D. U .: The ballots were completely different then. Now when you go to vote, all candidates from any party will be on the same list from which you choose. During the Civil War, each party printed its own ballots and listed only its party’s candidates. So you just mailed that ballot and voted that way.

When you went to vote, you went to a representative of your party and received a ballot from him. It could also be cut from a newspaper. At that time, they had a specific political affiliation: in each city there were newspapers of the Republican and Democratic parties, which printed the list of candidates for their party. It should have been cut out and voted on. This was the newsletter.

M.G .: So voters could simply send such a ballot as it is, not highlighting anything, and the very fact of this meant that they voted for all the party’s candidates?

D. U .: Quite right. This meant that they voted for all candidates from the party. If they did not like someone on the list of the newsletter, they could cross out his name, and then write another one on top. So among the old bulletins there are often similar ones – with blacked out names.

M.G .: Why was the election not rescheduled despite the height of the Civil War?

D. U .: Among the representatives of the US Democratic Party were those who believed that President Abraham Lincoln might decide to postpone the election, but he obviously had no intention of postponing it. I think Lincoln reasoned like this: “I am fighting for democracy, and canceling or postponing elections is contrary to the goals of this war.”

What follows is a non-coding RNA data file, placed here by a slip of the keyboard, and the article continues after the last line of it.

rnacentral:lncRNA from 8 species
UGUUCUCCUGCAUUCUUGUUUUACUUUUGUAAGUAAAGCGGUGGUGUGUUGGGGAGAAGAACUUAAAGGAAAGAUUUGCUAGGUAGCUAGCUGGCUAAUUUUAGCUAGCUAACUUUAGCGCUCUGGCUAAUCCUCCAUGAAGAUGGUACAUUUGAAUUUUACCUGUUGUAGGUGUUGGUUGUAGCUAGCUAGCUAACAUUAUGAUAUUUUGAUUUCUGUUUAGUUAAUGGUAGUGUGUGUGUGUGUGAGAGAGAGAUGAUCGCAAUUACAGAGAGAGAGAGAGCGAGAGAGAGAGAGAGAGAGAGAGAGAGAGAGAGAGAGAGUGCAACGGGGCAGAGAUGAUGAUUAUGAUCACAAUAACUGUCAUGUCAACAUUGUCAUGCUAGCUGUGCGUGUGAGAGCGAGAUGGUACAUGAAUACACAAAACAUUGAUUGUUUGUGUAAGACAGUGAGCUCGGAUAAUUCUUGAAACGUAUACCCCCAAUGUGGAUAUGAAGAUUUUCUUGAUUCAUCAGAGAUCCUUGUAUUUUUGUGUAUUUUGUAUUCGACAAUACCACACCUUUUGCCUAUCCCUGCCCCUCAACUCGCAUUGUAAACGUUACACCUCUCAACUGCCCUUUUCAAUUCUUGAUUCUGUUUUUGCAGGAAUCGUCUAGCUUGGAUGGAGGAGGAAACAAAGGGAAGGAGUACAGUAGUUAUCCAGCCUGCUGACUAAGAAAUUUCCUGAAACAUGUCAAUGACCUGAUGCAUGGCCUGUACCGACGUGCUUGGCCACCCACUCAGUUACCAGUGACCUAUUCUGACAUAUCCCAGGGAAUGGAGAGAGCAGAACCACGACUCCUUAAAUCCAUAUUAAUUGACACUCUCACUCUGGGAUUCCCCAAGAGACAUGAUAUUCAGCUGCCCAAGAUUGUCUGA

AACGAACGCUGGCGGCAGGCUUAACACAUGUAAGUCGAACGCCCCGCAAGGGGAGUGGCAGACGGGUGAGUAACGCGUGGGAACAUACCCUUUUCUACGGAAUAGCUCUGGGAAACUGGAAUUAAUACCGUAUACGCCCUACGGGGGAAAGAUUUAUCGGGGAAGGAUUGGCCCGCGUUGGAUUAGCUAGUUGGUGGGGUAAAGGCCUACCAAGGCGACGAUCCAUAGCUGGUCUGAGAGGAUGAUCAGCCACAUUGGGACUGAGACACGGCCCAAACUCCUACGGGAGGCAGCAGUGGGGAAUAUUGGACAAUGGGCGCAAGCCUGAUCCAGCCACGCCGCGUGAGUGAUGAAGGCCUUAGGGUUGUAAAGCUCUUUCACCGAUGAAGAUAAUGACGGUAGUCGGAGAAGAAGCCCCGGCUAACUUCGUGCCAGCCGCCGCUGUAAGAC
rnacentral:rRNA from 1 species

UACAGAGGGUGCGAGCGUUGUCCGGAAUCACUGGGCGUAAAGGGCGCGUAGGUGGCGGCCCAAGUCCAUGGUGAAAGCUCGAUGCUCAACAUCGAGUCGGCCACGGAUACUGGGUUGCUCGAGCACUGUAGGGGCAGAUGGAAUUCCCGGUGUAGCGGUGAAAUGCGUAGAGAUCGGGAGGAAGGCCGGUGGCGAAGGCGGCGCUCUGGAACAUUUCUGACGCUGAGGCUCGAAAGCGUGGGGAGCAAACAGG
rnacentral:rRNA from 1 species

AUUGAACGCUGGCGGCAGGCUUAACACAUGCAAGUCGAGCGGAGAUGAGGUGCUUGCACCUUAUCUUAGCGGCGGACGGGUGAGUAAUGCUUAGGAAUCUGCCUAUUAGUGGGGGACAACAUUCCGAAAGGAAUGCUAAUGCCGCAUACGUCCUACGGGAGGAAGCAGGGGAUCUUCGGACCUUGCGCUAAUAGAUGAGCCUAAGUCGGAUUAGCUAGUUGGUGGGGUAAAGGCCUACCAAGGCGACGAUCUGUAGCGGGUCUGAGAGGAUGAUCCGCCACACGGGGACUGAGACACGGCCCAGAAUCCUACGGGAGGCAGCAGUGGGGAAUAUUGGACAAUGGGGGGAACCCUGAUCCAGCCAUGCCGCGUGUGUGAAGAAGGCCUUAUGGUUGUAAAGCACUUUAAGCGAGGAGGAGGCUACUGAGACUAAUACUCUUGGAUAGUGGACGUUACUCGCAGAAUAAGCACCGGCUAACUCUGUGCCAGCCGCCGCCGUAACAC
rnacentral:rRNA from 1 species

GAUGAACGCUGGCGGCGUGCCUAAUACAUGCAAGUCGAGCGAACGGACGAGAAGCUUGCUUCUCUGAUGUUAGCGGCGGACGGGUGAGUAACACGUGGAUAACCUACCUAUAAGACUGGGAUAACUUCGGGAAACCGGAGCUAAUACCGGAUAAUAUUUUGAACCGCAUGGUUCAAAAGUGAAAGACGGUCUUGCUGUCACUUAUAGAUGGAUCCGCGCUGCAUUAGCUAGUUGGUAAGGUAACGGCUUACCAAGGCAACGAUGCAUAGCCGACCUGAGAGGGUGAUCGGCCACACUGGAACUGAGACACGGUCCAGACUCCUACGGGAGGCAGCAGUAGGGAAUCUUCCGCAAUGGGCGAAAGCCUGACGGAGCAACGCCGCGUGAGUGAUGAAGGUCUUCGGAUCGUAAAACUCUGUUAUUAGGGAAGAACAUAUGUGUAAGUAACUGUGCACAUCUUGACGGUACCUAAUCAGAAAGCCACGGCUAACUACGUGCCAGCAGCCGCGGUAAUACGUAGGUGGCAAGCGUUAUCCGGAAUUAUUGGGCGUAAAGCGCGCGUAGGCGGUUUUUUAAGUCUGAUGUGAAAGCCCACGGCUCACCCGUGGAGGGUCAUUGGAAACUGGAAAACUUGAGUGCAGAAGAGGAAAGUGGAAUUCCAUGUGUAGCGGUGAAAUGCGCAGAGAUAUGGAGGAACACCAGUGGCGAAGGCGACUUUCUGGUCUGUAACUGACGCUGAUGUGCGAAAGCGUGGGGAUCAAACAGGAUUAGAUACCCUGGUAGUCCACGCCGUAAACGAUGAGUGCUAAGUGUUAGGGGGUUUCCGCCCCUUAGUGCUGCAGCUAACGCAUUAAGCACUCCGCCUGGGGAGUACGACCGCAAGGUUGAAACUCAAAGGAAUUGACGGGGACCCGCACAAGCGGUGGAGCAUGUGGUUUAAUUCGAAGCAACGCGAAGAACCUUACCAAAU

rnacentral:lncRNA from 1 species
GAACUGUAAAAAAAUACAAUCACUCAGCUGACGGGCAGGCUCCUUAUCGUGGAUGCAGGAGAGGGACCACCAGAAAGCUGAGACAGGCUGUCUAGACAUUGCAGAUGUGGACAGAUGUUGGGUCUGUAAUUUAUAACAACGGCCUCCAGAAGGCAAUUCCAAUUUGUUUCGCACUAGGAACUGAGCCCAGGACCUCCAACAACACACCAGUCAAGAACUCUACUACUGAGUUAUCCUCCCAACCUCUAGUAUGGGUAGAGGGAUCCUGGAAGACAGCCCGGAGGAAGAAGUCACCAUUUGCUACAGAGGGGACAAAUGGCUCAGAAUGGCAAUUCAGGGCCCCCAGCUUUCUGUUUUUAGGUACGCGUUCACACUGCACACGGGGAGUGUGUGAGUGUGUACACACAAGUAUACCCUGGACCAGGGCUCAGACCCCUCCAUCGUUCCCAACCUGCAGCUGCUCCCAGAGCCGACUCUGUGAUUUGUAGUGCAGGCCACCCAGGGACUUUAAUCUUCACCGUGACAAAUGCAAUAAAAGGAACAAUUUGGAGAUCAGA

M.G .: What were the problems and difficulties associated with holding elections at that time? Have there been any cases of fraud?

D. U .: At the time, the elections were accompanied by a lot of violence and intimidation. When you went to a representative of your party and took a ballot paper that was of a certain color, everyone knew who you were voting for. Therefore, it was easy to intimidate people in order to force them to vote in a certain way. In the army, if you were a Democrat, and your commander was a Republican, and if you did not want to create a conflict situation, you could decide not to vote at all or to vote in a different way than you intended, simply because of pressure from the commander.

The elections were then very noisy, there were many drunks. If you voted in a city like Baltimore, it was usually a large gathering of people with significant alcohol consumption and occasional violent outbreaks. Now, if you work for any of the candidates, you cannot be at the polling station, and then there were no such restrictions.

In 1864, there were cases of fraud. So, some US states sent their authorized representatives to battle formations to collect bulletins. For example, the states of New York and Pennsylvania did this. Five of these New York State Commissioners, sent by the Governor to collect ballots, were arrested in Baltimore and Washington on charges of falsifying ballots and sending Democratic ballots on behalf of fictitious soldiers. According to some estimates, they forged up to 10,000 ballots.